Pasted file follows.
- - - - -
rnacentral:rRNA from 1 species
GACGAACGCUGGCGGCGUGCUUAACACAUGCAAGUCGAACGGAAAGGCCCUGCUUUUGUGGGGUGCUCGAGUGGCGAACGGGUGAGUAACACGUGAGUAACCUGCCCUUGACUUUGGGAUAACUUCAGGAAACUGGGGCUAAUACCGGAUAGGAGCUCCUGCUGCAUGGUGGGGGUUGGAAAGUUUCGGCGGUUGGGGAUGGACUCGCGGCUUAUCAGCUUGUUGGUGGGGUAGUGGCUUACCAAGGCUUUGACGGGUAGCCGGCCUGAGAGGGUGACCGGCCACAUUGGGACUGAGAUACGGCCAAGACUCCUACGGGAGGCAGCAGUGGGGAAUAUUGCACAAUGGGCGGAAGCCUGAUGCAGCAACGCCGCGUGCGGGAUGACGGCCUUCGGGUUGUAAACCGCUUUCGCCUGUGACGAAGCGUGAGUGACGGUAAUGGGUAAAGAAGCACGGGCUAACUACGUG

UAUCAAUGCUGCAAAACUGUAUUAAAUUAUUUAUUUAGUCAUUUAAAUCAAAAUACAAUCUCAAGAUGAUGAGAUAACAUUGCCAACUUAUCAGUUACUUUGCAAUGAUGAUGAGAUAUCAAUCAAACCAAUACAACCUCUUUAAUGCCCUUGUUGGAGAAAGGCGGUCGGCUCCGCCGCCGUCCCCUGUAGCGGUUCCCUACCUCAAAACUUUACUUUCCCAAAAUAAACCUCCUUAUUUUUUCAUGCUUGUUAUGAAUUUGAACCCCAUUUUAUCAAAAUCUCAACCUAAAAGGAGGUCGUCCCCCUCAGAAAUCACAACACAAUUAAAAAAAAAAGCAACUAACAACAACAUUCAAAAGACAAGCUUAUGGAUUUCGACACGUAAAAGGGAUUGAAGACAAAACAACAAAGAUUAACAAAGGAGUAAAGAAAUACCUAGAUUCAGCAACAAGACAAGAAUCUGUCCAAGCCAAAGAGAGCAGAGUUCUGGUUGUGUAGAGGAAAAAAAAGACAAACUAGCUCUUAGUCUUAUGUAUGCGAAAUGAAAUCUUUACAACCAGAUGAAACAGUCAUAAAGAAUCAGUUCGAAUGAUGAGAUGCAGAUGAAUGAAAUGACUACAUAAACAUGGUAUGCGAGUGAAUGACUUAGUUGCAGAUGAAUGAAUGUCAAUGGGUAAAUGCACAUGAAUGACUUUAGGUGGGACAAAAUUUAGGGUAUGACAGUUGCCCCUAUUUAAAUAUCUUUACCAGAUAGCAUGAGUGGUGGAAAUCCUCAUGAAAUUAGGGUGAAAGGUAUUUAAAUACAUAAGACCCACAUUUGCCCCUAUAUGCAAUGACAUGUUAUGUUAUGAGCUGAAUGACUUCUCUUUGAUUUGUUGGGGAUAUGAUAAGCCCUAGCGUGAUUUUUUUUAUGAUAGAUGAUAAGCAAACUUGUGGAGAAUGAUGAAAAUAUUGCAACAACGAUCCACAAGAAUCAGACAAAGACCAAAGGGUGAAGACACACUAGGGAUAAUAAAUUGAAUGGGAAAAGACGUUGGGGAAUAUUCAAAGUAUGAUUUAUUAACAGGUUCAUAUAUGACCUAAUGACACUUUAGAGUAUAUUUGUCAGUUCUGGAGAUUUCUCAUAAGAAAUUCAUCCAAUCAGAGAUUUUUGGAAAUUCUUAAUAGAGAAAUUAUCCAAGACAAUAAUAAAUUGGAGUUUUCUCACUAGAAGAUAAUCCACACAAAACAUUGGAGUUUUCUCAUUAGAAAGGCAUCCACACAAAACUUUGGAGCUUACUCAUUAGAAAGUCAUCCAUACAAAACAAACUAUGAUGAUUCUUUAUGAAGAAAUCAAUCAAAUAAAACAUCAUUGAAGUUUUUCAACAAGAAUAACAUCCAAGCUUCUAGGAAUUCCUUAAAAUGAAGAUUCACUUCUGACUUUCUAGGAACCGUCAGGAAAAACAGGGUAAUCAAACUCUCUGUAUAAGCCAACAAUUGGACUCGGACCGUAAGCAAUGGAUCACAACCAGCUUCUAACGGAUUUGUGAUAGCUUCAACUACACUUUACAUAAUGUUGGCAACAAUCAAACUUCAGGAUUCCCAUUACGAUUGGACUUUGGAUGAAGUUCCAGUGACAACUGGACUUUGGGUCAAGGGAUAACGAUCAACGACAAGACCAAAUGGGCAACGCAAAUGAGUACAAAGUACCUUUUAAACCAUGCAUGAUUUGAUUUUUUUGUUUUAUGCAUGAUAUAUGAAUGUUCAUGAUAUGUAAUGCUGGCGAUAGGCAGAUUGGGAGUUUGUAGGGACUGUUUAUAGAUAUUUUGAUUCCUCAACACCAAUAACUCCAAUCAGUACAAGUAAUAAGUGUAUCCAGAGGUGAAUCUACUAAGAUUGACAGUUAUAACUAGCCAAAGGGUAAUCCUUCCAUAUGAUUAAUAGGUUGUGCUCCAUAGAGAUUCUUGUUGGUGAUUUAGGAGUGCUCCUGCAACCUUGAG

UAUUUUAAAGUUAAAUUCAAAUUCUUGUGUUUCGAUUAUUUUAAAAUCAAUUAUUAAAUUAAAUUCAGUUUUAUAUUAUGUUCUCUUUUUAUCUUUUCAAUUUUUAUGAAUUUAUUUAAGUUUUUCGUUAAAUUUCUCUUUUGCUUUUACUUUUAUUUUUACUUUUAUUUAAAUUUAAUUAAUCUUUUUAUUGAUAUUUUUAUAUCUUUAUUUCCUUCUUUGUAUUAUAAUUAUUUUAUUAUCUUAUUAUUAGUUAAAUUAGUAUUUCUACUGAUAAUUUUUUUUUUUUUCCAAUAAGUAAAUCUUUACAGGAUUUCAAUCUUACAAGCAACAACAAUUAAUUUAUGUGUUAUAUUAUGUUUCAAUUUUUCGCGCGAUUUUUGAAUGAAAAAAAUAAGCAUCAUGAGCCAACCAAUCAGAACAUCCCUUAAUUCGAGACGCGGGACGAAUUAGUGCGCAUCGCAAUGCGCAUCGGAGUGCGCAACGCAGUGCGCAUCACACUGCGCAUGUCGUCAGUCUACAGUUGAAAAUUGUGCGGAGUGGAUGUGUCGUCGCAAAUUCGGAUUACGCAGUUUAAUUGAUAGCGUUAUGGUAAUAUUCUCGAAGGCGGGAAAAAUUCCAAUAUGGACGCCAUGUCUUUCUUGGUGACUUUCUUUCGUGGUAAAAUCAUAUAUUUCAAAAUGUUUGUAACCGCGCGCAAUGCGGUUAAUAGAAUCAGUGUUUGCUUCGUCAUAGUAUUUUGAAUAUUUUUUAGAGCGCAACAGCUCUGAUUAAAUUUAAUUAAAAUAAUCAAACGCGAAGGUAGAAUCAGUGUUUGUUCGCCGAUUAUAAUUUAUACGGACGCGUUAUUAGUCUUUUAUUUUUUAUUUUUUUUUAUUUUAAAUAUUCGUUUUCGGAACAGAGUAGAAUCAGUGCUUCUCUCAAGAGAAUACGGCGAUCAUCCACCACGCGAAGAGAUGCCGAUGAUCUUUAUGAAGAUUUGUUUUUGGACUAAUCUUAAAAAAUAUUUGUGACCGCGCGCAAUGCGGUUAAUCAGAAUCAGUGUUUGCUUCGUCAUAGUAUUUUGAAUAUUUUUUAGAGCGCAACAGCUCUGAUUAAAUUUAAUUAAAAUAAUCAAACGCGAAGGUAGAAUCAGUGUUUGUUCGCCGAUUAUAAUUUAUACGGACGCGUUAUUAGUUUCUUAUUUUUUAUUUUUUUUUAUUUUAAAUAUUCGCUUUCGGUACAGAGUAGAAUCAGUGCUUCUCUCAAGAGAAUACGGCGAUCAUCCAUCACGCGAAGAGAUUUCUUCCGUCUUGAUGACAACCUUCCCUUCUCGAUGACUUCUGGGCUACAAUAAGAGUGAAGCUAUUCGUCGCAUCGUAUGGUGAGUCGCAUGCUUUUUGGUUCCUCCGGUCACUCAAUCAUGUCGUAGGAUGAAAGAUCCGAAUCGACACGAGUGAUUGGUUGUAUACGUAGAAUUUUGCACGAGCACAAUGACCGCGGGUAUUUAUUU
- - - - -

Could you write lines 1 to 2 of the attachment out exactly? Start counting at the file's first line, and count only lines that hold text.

rnacentral:rRNA from 1 species
GACGAACGCUGGCGGCGUGCUUAACACAUGCAAGUCGAACGGAAAGGCCCUGCUUUUGUGGGGUGCUCGAGUGGCGAACGGGUGAGUAACACGUGAGUAACCUGCCCUUGACUUUGGGAUAACUUCAGGAAACUGGGGCUAAUACCGGAUAGGAGCUCCUGCUGCAUGGUGGGGGUUGGAAAGUUUCGGCGGUUGGGGAUGGACUCGCGGCUUAUCAGCUUGUUGGUGGGGUAGUGGCUUACCAAGGCUUUGACGGGUAGCCGGCCUGAGAGGGUGACCGGCCACAUUGGGACUGAGAUACGGCCAAGACUCCUACGGGAGGCAGCAGUGGGGAAUAUUGCACAAUGGGCGGAAGCCUGAUGCAGCAACGCCGCGUGCGGGAUGACGGCCUUCGGGUUGUAAACCGCUUUCGCCUGUGACGAAGCGUGAGUGACGGUAAUGGGUAAAGAAGCACGGGCUAACUACGUG